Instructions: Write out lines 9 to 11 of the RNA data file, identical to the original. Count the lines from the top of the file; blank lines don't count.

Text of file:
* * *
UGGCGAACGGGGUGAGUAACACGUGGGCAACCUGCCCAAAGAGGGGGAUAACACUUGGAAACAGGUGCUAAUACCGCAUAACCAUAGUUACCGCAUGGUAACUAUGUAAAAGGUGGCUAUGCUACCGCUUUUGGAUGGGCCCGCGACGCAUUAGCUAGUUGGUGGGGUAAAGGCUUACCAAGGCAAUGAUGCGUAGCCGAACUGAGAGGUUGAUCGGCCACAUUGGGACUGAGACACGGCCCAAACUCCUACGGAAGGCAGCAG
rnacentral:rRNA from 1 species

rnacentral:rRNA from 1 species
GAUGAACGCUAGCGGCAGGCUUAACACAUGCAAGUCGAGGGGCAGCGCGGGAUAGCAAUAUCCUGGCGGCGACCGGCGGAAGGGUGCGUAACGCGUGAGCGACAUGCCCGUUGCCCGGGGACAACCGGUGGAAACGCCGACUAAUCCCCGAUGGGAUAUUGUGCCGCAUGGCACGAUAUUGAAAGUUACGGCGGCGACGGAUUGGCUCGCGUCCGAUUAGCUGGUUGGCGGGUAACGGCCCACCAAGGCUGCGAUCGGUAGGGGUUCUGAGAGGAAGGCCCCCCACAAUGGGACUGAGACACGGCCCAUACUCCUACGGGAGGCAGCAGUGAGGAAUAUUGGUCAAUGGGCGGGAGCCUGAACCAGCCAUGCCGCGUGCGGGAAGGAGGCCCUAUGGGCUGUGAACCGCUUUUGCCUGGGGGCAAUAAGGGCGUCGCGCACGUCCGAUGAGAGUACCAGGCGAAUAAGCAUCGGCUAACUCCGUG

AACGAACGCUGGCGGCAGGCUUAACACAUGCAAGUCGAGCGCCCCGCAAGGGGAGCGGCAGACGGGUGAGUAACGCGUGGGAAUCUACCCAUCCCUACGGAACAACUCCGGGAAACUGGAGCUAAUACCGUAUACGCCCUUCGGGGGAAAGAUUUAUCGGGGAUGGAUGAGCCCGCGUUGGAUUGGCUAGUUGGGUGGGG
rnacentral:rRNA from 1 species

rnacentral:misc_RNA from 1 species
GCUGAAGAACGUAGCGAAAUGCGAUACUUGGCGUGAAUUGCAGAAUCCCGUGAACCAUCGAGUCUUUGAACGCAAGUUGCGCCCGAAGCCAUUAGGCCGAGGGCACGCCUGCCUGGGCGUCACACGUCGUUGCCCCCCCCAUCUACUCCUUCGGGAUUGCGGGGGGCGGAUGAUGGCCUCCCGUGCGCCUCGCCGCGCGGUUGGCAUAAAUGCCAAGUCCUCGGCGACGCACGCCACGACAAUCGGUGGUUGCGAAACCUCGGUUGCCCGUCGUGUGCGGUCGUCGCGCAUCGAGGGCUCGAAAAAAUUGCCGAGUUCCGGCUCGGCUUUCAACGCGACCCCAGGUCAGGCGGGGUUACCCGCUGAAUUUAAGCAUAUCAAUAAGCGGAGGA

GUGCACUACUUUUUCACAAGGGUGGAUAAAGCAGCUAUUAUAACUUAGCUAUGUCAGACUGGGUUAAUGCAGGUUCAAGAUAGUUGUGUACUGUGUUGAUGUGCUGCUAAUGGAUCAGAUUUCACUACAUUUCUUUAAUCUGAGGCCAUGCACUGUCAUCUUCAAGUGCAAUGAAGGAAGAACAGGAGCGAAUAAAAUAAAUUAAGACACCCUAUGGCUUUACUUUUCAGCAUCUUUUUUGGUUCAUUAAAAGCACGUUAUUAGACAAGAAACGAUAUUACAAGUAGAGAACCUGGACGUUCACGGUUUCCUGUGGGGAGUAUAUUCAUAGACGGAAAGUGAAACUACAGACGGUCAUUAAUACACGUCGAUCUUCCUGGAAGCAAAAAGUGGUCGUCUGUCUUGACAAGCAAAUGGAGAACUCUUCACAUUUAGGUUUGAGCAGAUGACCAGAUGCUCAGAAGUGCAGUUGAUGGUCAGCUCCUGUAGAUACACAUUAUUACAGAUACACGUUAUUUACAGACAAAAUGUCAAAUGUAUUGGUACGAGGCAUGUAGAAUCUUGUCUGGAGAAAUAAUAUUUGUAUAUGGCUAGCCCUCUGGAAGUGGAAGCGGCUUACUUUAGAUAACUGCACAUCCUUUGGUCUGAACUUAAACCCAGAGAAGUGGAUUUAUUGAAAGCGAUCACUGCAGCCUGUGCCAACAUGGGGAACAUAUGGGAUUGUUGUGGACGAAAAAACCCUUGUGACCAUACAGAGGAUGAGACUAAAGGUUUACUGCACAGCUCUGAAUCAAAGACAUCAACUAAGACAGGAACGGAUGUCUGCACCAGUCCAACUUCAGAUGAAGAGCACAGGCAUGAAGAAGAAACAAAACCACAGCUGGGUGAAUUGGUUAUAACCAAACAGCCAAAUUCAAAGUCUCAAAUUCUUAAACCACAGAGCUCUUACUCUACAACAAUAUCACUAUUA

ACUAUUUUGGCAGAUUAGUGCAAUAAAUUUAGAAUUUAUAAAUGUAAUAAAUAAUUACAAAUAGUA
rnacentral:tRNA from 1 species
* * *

GUGCACUACUUUUUCACAAGGGUGGAUAAAGCAGCUAUUAUAACUUAGCUAUGUCAGACUGGGUUAAUGCAGGUUCAAGAUAGUUGUGUACUGUGUUGAUGUGCUGCUAAUGGAUCAGAUUUCACUACAUUUCUUUAAUCUGAGGCCAUGCACUGUCAUCUUCAAGUGCAAUGAAGGAAGAACAGGAGCGAAUAAAAUAAAUUAAGACACCCUAUGGCUUUACUUUUCAGCAUCUUUUUUGGUUCAUUAAAAGCACGUUAUUAGACAAGAAACGAUAUUACAAGUAGAGAACCUGGACGUUCACGGUUUCCUGUGGGGAGUAUAUUCAUAGACGGAAAGUGAAACUACAGACGGUCAUUAAUACACGUCGAUCUUCCUGGAAGCAAAAAGUGGUCGUCUGUCUUGACAAGCAAAUGGAGAACUCUUCACAUUUAGGUUUGAGCAGAUGACCAGAUGCUCAGAAGUGCAGUUGAUGGUCAGCUCCUGUAGAUACACAUUAUUACAGAUACACGUUAUUUACAGACAAAAUGUCAAAUGUAUUGGUACGAGGCAUGUAGAAUCUUGUCUGGAGAAAUAAUAUUUGUAUAUGGCUAGCCCUCUGGAAGUGGAAGCGGCUUACUUUAGAUAACUGCACAUCCUUUGGUCUGAACUUAAACCCAGAGAAGUGGAUUUAUUGAAAGCGAUCACUGCAGCCUGUGCCAACAUGGGGAACAUAUGGGAUUGUUGUGGACGAAAAAACCCUUGUGACCAUACAGAGGAUGAGACUAAAGGUUUACUGCACAGCUCUGAAUCAAAGACAUCAACUAAGACAGGAACGGAUGUCUGCACCAGUCCAACUUCAGAUGAAGAGCACAGGCAUGAAGAAGAAACAAAACCACAGCUGGGUGAAUUGGUUAUAACCAAACAGCCAAAUUCAAAGUCUCAAAUUCUUAAACCACAGAGCUCUUACUCUACAACAAUAUCACUAUUA

ACUAUUUUGGCAGAUUAGUGCAAUAAAUUUAGAAUUUAUAAAUGUAAUAAAUAAUUACAAAUAGUA
rnacentral:tRNA from 1 species